Bulls already have best board – Hunter-Paul

Bradford Bulls' chief executive Robbie Hunter-Paul.
Bradford Bulls' chief executive Robbie Hunter-Paul.
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BRADFORD Bulls’ chief executive Robbie Hunter-Paul last night insisted the club’s current board is the best candidate to bring the famous name back from the brink.

Chairman Mark Moore, with 
directors Ian Watt, Andrew Calvert and Hunter-Paul, are waiting to see if they have secured ownership of the Super League outfit for certain.

OK Bulls Ltd, its former holding company owned by Omar Khan, was placed into administration on January 31.

Its appointed administrator David Wilson agreed to sell the club to Bradford Bulls 2014 Ltd, which had been set up by Moore and co last November, but on the proviso it only operated under a temporary 28-day Super League licence, during which time other offers would be considered.

Wilson’s deadline for bidders to make their move for the Bulls will pass tonight with a number of parties believed to have expressed an interest.

London-based businessman Richard Lamb has been the most public prospective new owner and he met with Wilson yesterday.

But Hunter-Paul, who has been running the club with the current board since last September, says the regime in situ have everything in place to reverse Bradford’s much-publicised decay over the last two years.

“Of course it has been a tough few months and not how anyone sets out to work in business,” he told the Yorkshire Post, having overseen major cutbacks and player departures, too.

“But the team in control at the moment have real confidence in moving things forward with the business.

“The interesting thing about this board of directors is they have effectively run this business and done all the due diligence in the last five months.

“Curveball after curveball has been thrown at this team, but they have dug their heels in and become more and more determined and the good thing about us is we’re ready to move.

“We don’t need to get up to speed on understanding anything and we’ve already staged one 
Super League game. If the business is taken over by someone else there is a lot of work involved including the licence and many other things to be considered.

“People think it’s as easy as just paying the players, but that’s not the case, especially at a ground like the Provident Stadium, too. There are a lot of issues there.”

To read the thoughts of Bradford’s Brett Kearney ahead of Thursday night’s clash with Wakefield Wildcats click HERE

Most pertinently, Hunter-Paul highlights the risk any prospective new owner would run of losing further players from a squad already light in numbers and facing a potential points deduction for breaking insolvency rules.

They saw Craig Kopczak walk out on his contract in 2012 when they were taken over by new owners after their last spell in administration and Garreth Carvell has done so this time around, to join Hull FC.

A player is legally within his rights to do so – under the Transfer of Undertakings Protection of Employment Regulation (TUPE) – if he gives notice on the day of the change of ownership.

But any prospective buyer would be purchasing OK Bulls Ltd – not Bradford Bulls 2014 Ltd – from the administrator, so opening up another chance for other players to follow Carvell’s lead in that 24-hour slot.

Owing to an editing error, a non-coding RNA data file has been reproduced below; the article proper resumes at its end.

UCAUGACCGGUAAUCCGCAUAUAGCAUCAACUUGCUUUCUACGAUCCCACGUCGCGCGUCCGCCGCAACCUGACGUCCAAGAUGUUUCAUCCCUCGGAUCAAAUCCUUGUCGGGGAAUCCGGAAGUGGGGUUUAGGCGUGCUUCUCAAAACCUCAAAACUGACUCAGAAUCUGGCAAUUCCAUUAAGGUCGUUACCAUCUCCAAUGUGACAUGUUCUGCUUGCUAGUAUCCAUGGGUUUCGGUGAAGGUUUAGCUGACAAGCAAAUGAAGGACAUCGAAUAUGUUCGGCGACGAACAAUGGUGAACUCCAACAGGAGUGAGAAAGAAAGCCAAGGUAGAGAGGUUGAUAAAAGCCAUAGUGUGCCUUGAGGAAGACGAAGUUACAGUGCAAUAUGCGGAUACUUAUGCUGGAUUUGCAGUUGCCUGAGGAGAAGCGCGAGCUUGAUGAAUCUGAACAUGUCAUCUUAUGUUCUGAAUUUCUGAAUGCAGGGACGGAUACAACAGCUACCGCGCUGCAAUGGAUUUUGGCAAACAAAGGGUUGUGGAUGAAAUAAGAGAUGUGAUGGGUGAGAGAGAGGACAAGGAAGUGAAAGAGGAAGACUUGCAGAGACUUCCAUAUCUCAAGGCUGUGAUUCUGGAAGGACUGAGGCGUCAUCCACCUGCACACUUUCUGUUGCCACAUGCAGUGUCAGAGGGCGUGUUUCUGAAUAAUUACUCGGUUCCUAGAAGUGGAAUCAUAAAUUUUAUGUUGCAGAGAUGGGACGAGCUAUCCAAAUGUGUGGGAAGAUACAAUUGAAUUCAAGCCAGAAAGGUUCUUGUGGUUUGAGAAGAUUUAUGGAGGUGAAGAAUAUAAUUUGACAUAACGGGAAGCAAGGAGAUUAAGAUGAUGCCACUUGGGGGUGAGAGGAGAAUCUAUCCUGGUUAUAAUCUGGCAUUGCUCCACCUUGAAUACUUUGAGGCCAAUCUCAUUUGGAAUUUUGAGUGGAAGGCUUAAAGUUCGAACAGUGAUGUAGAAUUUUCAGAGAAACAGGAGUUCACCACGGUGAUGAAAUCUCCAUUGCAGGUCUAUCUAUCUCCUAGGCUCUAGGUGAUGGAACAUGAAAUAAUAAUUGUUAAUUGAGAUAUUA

Hunter-Paul, who won every honour in the game during his 12 years as a player at Bradford, admitted: “They would have to go through the TUPE process once again and that’s the risk another business will take on if it came in and acquired the club.

“We believe we have a squad which is rich in talent but not deep in numbers and anyone else contemplating buying this club has to know there are some grey areas there.

“We have that confidence, though, in our own ability to achieve Super League survival in the first place and then towards the back end of the season see where we are.”

After losing their opening game against Castleford Tigers on Sunday, Bradford head to Wakefield Trinity Wildcats tonight looking to pick up their first win and, also, for some clarity regarding their future.

The Rugby Football League have met various interested parties and Lamb has already passed the fit and proper persons test, but it is understood no deal has been finalised.

“I’ve not spoken to the administrator today but we were contacted last night (Tuesday) and told one (party) had walked away,” continued Hunter-Paul.

“There’s a balancing act to be made by the governing body and the administrator to work out what is best.

“The administrator’s job is to focus on what’s going to be best for the creditors and our governing body needs to focus on what’s best for the sport.

“They (the RFL) are confident that in us they have a good unit that’s in control and we’re definitely offering to work with every single creditor.

“When this board effectively took over it was discovered the business was running well beyond its means so cuts did have to be made. But we are in a stronger position now and have the right people in place.

“It is a working board, too, with everyone on it having a position in the business.

“We have some real nice income generators in place and we’re working hard with a lot of partners to upgrade those.

“But we just need that green light. We want to give ourselves and the players the best possible opportunity to allow themselves to be successful.”

Wakefield Trinity v Bradford Bulls preview: Page 23.